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The L-1B visa allows United States employers to transfer employees with specialized knowledge to temporarily work in the United States from an affiliated foreign office to an office in the United States. Foreign companies without a United States office may also use an L-1B visa to send an executive or manager to the United States in order to establish a United States office.
How are the L-1B and the L-2 visas different?
- L-1B visa
The L-1B visa is a temporary nonimmigrant visa specifically for United States employers to transfer a professional employee with specialized knowledge related to the employer’s work from one of the employer’s affiliated foreign offices to one of its United States offices. A foreign company may also use the L-1B visa to send an employee with specialized knowledge to the United States to help establish a United States office.
- L-2 visa
The L-2 visa is a temporary nonimmigrant visa specifically for the spouses and unmarried children under 21 years of age of a L-1B visa holder who wish to accompany the visa holder in the United States.
How to qualify for the L-1B & L-2 visa
- L-1B visa qualifications
In order to qualify for an L-1B visa, both the employer and the employee must meet certain requirements.
The L-1B visa requires the employer applicant to have a qualifying relationship with a foreign company. Some examples of a qualifying relationship include:
- Parent company
The employer must also currently, or will in the future, be doing business as an employer in the United States in at least one other country. This must be done through a qualifying organization for the duration of the L-1B visa holder’s stay in the United States. The business must be viable, but need not be engaged in international trade.
In order for an employer to qualify as “doing business” in the United States, it must participate in the regular, systematic, and continuous provision of goods and/or services by a qualifying organization. The mere presence of an agent or office of the employer in the United States and abroad is insufficient to qualify as doing business.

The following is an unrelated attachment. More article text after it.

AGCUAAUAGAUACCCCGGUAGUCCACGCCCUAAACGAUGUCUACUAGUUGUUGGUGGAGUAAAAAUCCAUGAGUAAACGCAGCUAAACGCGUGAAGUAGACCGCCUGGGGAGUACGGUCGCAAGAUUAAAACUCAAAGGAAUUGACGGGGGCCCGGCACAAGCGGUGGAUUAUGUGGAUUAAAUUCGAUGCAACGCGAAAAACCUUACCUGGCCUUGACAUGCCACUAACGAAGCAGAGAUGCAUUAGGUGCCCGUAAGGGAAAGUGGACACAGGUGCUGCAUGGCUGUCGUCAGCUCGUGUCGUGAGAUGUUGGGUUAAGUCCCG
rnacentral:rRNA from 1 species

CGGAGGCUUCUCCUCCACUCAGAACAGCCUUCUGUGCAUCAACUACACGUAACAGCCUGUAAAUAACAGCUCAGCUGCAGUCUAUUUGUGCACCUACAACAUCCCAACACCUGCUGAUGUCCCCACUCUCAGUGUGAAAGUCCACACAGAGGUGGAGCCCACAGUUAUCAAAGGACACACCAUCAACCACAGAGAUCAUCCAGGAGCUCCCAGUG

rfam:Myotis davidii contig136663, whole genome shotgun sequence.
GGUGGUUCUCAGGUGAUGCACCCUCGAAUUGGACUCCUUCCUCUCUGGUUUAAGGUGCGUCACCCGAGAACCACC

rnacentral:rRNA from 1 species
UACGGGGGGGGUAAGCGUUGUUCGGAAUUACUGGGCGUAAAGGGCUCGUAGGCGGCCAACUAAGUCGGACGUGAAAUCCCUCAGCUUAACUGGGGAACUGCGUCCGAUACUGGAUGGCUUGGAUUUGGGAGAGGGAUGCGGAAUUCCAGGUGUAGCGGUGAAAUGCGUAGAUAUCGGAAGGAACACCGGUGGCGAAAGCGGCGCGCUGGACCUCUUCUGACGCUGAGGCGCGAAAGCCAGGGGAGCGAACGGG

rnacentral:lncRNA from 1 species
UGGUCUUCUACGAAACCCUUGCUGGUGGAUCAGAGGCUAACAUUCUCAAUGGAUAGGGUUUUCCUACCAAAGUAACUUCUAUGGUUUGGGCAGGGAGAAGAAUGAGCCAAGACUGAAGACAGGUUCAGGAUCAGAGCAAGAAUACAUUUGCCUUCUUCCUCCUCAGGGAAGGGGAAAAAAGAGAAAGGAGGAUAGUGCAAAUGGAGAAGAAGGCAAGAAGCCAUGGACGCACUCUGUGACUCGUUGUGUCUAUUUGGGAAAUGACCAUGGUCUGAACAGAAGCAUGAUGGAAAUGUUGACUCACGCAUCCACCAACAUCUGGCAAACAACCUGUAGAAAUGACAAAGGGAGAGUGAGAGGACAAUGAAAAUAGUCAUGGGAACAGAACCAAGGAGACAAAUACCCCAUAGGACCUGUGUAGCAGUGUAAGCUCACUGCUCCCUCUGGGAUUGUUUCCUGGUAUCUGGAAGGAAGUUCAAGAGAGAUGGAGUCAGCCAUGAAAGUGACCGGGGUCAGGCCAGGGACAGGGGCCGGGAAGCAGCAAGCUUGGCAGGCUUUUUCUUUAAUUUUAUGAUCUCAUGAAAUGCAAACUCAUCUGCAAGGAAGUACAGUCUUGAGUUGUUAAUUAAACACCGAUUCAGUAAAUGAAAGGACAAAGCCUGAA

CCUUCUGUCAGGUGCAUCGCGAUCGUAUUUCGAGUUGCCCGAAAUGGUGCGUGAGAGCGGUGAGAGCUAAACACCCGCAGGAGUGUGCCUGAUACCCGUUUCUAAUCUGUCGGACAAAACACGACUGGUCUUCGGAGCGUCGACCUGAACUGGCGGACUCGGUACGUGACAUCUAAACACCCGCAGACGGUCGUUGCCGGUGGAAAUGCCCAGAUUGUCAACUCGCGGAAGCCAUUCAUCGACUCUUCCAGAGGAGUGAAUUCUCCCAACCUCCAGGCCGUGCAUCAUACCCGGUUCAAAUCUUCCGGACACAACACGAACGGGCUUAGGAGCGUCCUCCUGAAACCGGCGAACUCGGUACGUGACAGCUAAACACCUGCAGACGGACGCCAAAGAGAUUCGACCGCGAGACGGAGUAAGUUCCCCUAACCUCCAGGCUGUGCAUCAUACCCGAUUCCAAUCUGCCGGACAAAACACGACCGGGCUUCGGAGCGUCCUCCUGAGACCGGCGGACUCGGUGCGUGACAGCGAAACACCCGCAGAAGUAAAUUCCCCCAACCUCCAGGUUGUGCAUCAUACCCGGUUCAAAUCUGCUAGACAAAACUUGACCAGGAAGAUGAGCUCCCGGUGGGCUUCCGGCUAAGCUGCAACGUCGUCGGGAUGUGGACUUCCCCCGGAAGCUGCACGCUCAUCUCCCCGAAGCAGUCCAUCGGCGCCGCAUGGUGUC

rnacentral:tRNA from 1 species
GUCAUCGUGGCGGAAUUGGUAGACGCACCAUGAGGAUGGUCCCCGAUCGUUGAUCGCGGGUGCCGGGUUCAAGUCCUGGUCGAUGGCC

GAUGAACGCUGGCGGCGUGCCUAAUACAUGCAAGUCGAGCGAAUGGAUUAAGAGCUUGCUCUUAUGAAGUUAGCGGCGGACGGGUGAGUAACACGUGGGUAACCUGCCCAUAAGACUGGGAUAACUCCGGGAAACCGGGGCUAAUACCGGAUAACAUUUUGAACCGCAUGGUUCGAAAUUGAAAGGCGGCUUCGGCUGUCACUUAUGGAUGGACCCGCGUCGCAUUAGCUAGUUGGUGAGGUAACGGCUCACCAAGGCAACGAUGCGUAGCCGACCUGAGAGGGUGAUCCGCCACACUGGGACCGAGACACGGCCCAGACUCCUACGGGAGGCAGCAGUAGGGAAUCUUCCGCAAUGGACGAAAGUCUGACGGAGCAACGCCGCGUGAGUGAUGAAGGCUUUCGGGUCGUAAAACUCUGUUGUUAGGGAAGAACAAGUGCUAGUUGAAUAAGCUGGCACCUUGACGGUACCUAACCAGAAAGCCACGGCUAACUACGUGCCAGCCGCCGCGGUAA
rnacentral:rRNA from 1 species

New United States Office
Employers that seek to send an executive or managerial employee to the United States to establish a new office must show:
- The employer has secured sufficient physical premises to house the new office; and
- The intended United States office will support an executive or managerial position within one year of the approval of the visa petition
Employee Qualifications for the L-1B visa
To qualify as an L-1B visa holder, an employee must:
- Have been working for a qualifying organization abroad for one continuous year within the three years immediately prior to the employee’s admission to the United States; and
- Be seeking entrance to the United States to provide service in a specialized knowledge capacity for a branch of the same employer or one of its qualifying organizations.
An employee has specialized knowledge when he or she possesses special knowledge of the petitioning organization’s product, service, equipment, research, management, techniques, or other interests and its application in international markets. Specialized knowledge may also refer to an advanced level of knowledge or expertise in the organization’s processes and procedures.
L-1B visa holders at different worksites
L-1B employees who will be primarily stationed at a worksite of an employer that is different from the petitioning employer or its affiliate, subsidiary, or parent must show additional qualifications:
- The employee will not be principally controlled or supervised by the unaffiliated employer; and
- The work being provided by the employee is not considered to be labor for hire by the unaffiliated employer.
- L-2 visa qualifications
In order to qualify for the L-2 visa, an applicant must be married to, or the child of, a L-1B visa holder. Children of the L-1B visa holder must be under 21 years of age to qualify.
What is the process for obtaining a L-1B & L-2 visa?
The application process for L visas is primarily employer driven.
- L-1B visa process
To apply for the L-1B visa, the employer must first:
- Review the instructions for form I-129 and file form I-129 with the United States Citizenship and Immigration Services (USCIS);